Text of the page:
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Two thoughts on Atlanta United bowing out of CCL at hands of Philadelphia Union

We got some drama, but not where we expected it.

MLS: Concacaf Champions League-Atlanta United at Philadelphia Union Bill Streicher-USA TODAY Sports

Atlanta United were eliminated from the Concacaf Champions League at the quarterfinal stage for the third season running on Tuesday night. A 1-1 draw with the Philadelphia Union was not enough to dig out of the deep 3-0 hole they had dug themselves into last week. While it was a respectable effort on the night and the players all gave it their all to pull off the comeback, in the end there just wasn’t enough creativity or production in the final third to make it happen. Here are some thoughts on another frustrating exit from the CCL:

Trust the Process?

There’s really not a ton to say about Atlanta’s play on the field in this one because it’s a lot of the same things we’ve seen early on so far this season. The team held possession very well but created very few real chances in the final third. Santiago Sosa stood out clearly as the Five Stripes’ best player. It’s a shame there aren’t more of him to put in every position on the field. It would certainly make life easier for Gabriel Heinze.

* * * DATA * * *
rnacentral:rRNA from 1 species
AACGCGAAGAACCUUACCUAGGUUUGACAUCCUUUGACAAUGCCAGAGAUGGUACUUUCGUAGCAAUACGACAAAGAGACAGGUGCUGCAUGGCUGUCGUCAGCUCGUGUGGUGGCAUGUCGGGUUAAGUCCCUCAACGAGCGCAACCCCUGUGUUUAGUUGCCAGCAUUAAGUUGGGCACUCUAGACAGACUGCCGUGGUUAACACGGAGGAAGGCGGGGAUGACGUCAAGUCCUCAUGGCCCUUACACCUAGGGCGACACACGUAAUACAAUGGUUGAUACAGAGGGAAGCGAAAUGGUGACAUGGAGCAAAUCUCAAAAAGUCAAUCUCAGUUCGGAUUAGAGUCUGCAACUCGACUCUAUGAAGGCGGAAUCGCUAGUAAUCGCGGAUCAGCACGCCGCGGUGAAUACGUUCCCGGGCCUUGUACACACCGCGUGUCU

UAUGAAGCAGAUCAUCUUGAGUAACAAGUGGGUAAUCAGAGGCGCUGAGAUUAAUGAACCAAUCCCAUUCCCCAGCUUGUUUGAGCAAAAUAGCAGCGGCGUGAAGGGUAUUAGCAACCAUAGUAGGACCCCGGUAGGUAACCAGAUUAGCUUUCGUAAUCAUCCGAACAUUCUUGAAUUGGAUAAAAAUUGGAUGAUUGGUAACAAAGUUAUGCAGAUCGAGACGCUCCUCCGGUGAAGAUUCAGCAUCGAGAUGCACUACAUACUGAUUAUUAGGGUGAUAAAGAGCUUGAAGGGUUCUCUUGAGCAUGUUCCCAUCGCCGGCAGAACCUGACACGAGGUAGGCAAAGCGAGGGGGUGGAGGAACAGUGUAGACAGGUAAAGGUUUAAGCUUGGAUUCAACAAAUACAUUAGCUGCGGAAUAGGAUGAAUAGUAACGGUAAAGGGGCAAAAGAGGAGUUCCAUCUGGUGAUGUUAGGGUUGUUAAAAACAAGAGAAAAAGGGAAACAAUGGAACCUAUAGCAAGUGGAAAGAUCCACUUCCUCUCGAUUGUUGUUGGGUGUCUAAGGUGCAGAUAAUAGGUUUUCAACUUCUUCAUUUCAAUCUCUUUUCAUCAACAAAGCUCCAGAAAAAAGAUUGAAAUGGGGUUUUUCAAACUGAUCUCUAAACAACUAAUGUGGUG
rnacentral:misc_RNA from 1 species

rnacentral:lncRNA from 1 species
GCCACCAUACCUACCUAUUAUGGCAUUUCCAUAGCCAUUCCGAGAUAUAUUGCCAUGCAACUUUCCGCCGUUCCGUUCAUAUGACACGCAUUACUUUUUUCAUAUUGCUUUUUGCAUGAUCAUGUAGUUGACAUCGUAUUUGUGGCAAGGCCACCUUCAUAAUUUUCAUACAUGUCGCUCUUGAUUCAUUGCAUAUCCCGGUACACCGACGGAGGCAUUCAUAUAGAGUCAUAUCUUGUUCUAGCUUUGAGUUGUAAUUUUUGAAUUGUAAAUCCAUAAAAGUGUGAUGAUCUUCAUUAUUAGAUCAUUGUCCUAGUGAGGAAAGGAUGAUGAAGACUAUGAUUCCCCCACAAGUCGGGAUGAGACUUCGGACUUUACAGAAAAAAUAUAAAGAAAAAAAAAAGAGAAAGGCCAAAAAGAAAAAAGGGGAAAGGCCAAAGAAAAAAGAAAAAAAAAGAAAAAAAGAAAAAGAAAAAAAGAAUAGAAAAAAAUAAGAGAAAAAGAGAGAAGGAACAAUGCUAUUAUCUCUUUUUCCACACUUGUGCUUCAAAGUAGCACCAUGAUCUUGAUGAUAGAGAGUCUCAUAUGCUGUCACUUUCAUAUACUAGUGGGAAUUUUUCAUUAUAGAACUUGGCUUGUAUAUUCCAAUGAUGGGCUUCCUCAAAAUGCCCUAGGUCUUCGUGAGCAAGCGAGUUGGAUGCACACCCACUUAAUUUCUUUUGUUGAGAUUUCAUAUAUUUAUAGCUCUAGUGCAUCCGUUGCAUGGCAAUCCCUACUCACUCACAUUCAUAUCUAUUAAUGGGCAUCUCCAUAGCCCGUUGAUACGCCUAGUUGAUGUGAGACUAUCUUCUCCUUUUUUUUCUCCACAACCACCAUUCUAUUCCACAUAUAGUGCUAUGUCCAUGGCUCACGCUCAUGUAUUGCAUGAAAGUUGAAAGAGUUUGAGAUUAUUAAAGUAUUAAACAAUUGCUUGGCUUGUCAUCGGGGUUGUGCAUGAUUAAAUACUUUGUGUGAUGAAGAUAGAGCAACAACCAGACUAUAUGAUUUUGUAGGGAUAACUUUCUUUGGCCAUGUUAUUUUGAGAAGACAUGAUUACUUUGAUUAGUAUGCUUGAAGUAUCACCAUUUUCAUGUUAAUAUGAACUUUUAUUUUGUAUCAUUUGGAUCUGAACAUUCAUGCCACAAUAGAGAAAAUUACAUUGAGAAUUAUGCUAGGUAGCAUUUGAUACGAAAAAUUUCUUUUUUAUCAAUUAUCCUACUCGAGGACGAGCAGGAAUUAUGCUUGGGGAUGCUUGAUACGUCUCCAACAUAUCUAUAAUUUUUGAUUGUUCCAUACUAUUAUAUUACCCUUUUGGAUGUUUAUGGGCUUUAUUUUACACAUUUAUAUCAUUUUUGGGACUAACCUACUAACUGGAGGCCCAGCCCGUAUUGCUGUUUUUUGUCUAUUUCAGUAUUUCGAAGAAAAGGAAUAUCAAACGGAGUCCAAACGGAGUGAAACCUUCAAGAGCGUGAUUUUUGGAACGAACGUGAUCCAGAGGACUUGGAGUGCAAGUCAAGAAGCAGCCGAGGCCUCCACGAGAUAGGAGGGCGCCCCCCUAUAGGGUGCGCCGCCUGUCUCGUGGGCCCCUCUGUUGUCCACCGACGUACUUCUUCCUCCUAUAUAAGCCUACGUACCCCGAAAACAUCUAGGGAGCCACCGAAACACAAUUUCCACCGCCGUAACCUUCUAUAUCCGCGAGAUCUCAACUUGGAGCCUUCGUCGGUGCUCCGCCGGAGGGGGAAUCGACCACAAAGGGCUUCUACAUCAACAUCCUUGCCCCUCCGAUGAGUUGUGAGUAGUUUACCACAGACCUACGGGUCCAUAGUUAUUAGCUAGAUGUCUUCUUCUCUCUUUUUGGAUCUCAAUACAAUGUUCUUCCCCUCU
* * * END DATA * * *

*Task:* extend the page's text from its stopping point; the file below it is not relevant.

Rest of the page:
A slightly rotated lineup due to injuries and a lack of depth in the attacking end has seemingly caused a bit of stagnation for The Process (TM). There were always going to be growing pains entering this new era, but the cohesion, understanding of the philosophy, and execution still appears a ways away. After suffering through 2020, we’re all just going to have to accept that the transition is going to take some time to bear real fruit.

It’s certainly not time to panic, no matter how frustrating the lack of goal scoring opportunities may be. Heinze has a clear plan, but it’s not a certainty he has the tools at his disposal to execute it. We’ll just have to wait and see how the players continue to adapt and adjust to his instruction.


The bigger story of the night was after the match when Philadelphia Union manager Jim Curtin unleashed some petty name calling in the direction of his Atlanta counterpart. The veteran MLS coach was angry over the fact that Heinze refused to shake his hand after the final whistle. He mentioned that Heinze was upset with the Union’s clear and obvious time-wasting and injury faking. In particular that of Sergio Santos in both legs and Kacper Przybyłko in Atlanta. Curtain opened up his 8th grade book of insults and called Heinze a “sore loser” and an “A**hole”.

In my eyes this seems like a both parties are in the wrong situation. Sure, Heinze refusing to shake hands after losing and being frustrated is a bad look. However, to flat out lie and say faking injuries and wasting time isn’t “what we’re about,” when it’s comically obvious what happened, is just as bad.

Pettiness and drama is sports is always fun. Perhaps this is the start of a little rivalry between two quality clubs? Or it could just be a little combined temper tantrum that is forgotten about in a few days. No matter the outcome, we’re here for the high school drama to spice up the monotonous postgame narratives.